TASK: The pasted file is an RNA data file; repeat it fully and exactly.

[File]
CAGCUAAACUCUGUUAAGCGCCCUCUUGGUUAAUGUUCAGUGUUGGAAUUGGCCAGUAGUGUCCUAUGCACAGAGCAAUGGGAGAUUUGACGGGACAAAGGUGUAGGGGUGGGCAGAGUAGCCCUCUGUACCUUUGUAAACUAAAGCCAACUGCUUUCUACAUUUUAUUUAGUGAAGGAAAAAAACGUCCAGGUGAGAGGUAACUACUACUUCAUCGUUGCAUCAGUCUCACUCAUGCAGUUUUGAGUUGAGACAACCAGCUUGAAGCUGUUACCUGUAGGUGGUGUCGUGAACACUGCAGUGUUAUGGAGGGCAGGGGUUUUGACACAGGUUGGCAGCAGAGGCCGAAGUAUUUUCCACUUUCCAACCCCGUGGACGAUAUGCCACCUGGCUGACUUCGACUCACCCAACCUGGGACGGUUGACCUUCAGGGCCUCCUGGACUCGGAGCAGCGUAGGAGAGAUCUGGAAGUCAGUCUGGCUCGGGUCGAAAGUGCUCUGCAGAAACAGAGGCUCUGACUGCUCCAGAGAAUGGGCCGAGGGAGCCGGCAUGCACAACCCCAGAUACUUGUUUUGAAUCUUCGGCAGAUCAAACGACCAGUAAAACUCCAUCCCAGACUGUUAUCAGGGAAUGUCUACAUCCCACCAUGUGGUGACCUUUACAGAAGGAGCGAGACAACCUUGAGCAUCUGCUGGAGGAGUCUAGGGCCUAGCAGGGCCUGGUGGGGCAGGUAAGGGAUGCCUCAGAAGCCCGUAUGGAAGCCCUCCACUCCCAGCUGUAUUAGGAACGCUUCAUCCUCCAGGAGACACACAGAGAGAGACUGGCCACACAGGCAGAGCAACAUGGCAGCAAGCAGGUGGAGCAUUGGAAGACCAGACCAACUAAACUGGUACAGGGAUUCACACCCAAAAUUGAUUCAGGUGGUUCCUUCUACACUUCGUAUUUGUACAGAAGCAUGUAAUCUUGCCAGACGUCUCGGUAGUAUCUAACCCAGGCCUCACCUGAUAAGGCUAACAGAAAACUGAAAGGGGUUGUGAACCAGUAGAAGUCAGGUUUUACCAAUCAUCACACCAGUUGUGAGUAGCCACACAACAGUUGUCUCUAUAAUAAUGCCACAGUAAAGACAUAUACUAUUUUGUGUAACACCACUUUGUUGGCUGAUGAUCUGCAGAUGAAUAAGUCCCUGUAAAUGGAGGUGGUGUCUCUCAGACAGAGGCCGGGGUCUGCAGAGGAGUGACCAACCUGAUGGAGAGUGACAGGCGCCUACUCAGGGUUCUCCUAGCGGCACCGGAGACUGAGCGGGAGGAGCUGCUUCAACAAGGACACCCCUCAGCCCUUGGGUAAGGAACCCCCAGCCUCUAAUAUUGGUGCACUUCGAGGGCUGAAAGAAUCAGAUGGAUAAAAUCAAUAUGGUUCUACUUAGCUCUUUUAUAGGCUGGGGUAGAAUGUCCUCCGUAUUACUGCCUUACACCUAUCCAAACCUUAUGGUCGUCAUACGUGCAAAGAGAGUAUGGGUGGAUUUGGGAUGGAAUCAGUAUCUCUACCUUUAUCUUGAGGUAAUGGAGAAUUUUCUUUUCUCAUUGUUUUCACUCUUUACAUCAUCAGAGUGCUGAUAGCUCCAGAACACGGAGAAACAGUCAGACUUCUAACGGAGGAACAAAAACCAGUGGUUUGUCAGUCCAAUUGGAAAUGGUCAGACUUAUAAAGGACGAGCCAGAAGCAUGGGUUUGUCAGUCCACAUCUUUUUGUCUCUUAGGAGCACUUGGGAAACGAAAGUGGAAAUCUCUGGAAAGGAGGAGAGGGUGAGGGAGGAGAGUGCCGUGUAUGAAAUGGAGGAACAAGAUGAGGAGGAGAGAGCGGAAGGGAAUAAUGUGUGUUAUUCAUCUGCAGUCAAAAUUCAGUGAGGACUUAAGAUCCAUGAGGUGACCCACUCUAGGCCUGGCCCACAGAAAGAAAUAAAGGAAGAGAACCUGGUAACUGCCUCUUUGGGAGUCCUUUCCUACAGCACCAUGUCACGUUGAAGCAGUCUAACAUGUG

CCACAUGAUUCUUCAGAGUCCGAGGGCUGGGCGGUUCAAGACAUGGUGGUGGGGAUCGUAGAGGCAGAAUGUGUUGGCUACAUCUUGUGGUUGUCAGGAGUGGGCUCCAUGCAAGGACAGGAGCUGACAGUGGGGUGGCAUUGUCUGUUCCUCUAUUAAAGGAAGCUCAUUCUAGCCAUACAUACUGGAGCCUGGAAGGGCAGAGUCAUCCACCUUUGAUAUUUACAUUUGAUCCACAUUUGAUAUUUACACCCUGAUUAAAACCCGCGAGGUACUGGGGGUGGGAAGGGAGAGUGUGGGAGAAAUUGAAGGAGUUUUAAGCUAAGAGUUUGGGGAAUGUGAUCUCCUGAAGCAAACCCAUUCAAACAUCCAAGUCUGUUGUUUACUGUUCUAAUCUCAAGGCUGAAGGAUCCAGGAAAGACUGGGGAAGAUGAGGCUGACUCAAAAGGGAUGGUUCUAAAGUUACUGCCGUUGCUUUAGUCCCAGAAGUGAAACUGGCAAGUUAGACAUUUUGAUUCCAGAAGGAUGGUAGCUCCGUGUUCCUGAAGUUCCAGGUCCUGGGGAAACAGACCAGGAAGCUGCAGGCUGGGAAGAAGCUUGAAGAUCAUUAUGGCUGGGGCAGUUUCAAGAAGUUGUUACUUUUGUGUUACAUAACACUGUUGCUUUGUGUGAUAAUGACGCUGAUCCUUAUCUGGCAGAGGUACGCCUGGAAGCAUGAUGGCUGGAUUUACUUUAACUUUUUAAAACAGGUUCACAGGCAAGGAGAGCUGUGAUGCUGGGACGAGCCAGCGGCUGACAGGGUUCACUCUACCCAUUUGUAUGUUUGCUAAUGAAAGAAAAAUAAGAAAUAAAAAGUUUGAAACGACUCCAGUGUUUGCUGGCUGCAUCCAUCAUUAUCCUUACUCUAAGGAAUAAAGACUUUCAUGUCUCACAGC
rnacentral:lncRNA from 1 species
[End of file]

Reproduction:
CAGCUAAACUCUGUUAAGCGCCCUCUUGGUUAAUGUUCAGUGUUGGAAUUGGCCAGUAGUGUCCUAUGCACAGAGCAAUGGGAGAUUUGACGGGACAAAGGUGUAGGGGUGGGCAGAGUAGCCCUCUGUACCUUUGUAAACUAAAGCCAACUGCUUUCUACAUUUUAUUUAGUGAAGGAAAAAAACGUCCAGGUGAGAGGUAACUACUACUUCAUCGUUGCAUCAGUCUCACUCAUGCAGUUUUGAGUUGAGACAACCAGCUUGAAGCUGUUACCUGUAGGUGGUGUCGUGAACACUGCAGUGUUAUGGAGGGCAGGGGUUUUGACACAGGUUGGCAGCAGAGGCCGAAGUAUUUUCCACUUUCCAACCCCGUGGACGAUAUGCCACCUGGCUGACUUCGACUCACCCAACCUGGGACGGUUGACCUUCAGGGCCUCCUGGACUCGGAGCAGCGUAGGAGAGAUCUGGAAGUCAGUCUGGCUCGGGUCGAAAGUGCUCUGCAGAAACAGAGGCUCUGACUGCUCCAGAGAAUGGGCCGAGGGAGCCGGCAUGCACAACCCCAGAUACUUGUUUUGAAUCUUCGGCAGAUCAAACGACCAGUAAAACUCCAUCCCAGACUGUUAUCAGGGAAUGUCUACAUCCCACCAUGUGGUGACCUUUACAGAAGGAGCGAGACAACCUUGAGCAUCUGCUGGAGGAGUCUAGGGCCUAGCAGGGCCUGGUGGGGCAGGUAAGGGAUGCCUCAGAAGCCCGUAUGGAAGCCCUCCACUCCCAGCUGUAUUAGGAACGCUUCAUCCUCCAGGAGACACACAGAGAGAGACUGGCCACACAGGCAGAGCAACAUGGCAGCAAGCAGGUGGAGCAUUGGAAGACCAGACCAACUAAACUGGUACAGGGAUUCACACCCAAAAUUGAUUCAGGUGGUUCCUUCUACACUUCGUAUUUGUACAGAAGCAUGUAAUCUUGCCAGACGUCUCGGUAGUAUCUAACCCAGGCCUCACCUGAUAAGGCUAACAGAAAACUGAAAGGGGUUGUGAACCAGUAGAAGUCAGGUUUUACCAAUCAUCACACCAGUUGUGAGUAGCCACACAACAGUUGUCUCUAUAAUAAUGCCACAGUAAAGACAUAUACUAUUUUGUGUAACACCACUUUGUUGGCUGAUGAUCUGCAGAUGAAUAAGUCCCUGUAAAUGGAGGUGGUGUCUCUCAGACAGAGGCCGGGGUCUGCAGAGGAGUGACCAACCUGAUGGAGAGUGACAGGCGCCUACUCAGGGUUCUCCUAGCGGCACCGGAGACUGAGCGGGAGGAGCUGCUUCAACAAGGACACCCCUCAGCCCUUGGGUAAGGAACCCCCAGCCUCUAAUAUUGGUGCACUUCGAGGGCUGAAAGAAUCAGAUGGAUAAAAUCAAUAUGGUUCUACUUAGCUCUUUUAUAGGCUGGGGUAGAAUGUCCUCCGUAUUACUGCCUUACACCUAUCCAAACCUUAUGGUCGUCAUACGUGCAAAGAGAGUAUGGGUGGAUUUGGGAUGGAAUCAGUAUCUCUACCUUUAUCUUGAGGUAAUGGAGAAUUUUCUUUUCUCAUUGUUUUCACUCUUUACAUCAUCAGAGUGCUGAUAGCUCCAGAACACGGAGAAACAGUCAGACUUCUAACGGAGGAACAAAAACCAGUGGUUUGUCAGUCCAAUUGGAAAUGGUCAGACUUAUAAAGGACGAGCCAGAAGCAUGGGUUUGUCAGUCCACAUCUUUUUGUCUCUUAGGAGCACUUGGGAAACGAAAGUGGAAAUCUCUGGAAAGGAGGAGAGGGUGAGGGAGGAGAGUGCCGUGUAUGAAAUGGAGGAACAAGAUGAGGAGGAGAGAGCGGAAGGGAAUAAUGUGUGUUAUUCAUCUGCAGUCAAAAUUCAGUGAGGACUUAAGAUCCAUGAGGUGACCCACUCUAGGCCUGGCCCACAGAAAGAAAUAAAGGAAGAGAACCUGGUAACUGCCUCUUUGGGAGUCCUUUCCUACAGCACCAUGUCACGUUGAAGCAGUCUAACAUGUG

CCACAUGAUUCUUCAGAGUCCGAGGGCUGGGCGGUUCAAGACAUGGUGGUGGGGAUCGUAGAGGCAGAAUGUGUUGGCUACAUCUUGUGGUUGUCAGGAGUGGGCUCCAUGCAAGGACAGGAGCUGACAGUGGGGUGGCAUUGUCUGUUCCUCUAUUAAAGGAAGCUCAUUCUAGCCAUACAUACUGGAGCCUGGAAGGGCAGAGUCAUCCACCUUUGAUAUUUACAUUUGAUCCACAUUUGAUAUUUACACCCUGAUUAAAACCCGCGAGGUACUGGGGGUGGGAAGGGAGAGUGUGGGAGAAAUUGAAGGAGUUUUAAGCUAAGAGUUUGGGGAAUGUGAUCUCCUGAAGCAAACCCAUUCAAACAUCCAAGUCUGUUGUUUACUGUUCUAAUCUCAAGGCUGAAGGAUCCAGGAAAGACUGGGGAAGAUGAGGCUGACUCAAAAGGGAUGGUUCUAAAGUUACUGCCGUUGCUUUAGUCCCAGAAGUGAAACUGGCAAGUUAGACAUUUUGAUUCCAGAAGGAUGGUAGCUCCGUGUUCCUGAAGUUCCAGGUCCUGGGGAAACAGACCAGGAAGCUGCAGGCUGGGAAGAAGCUUGAAGAUCAUUAUGGCUGGGGCAGUUUCAAGAAGUUGUUACUUUUGUGUUACAUAACACUGUUGCUUUGUGUGAUAAUGACGCUGAUCCUUAUCUGGCAGAGGUACGCCUGGAAGCAUGAUGGCUGGAUUUACUUUAACUUUUUAAAACAGGUUCACAGGCAAGGAGAGCUGUGAUGCUGGGACGAGCCAGCGGCUGACAGGGUUCACUCUACCCAUUUGUAUGUUUGCUAAUGAAAGAAAAAUAAGAAAUAAAAAGUUUGAAACGACUCCAGUGUUUGCUGGCUGCAUCCAUCAUUAUCCUUACUCUAAGGAAUAAAGACUUUCAUGUCUCACAGC
rnacentral:lncRNA from 1 species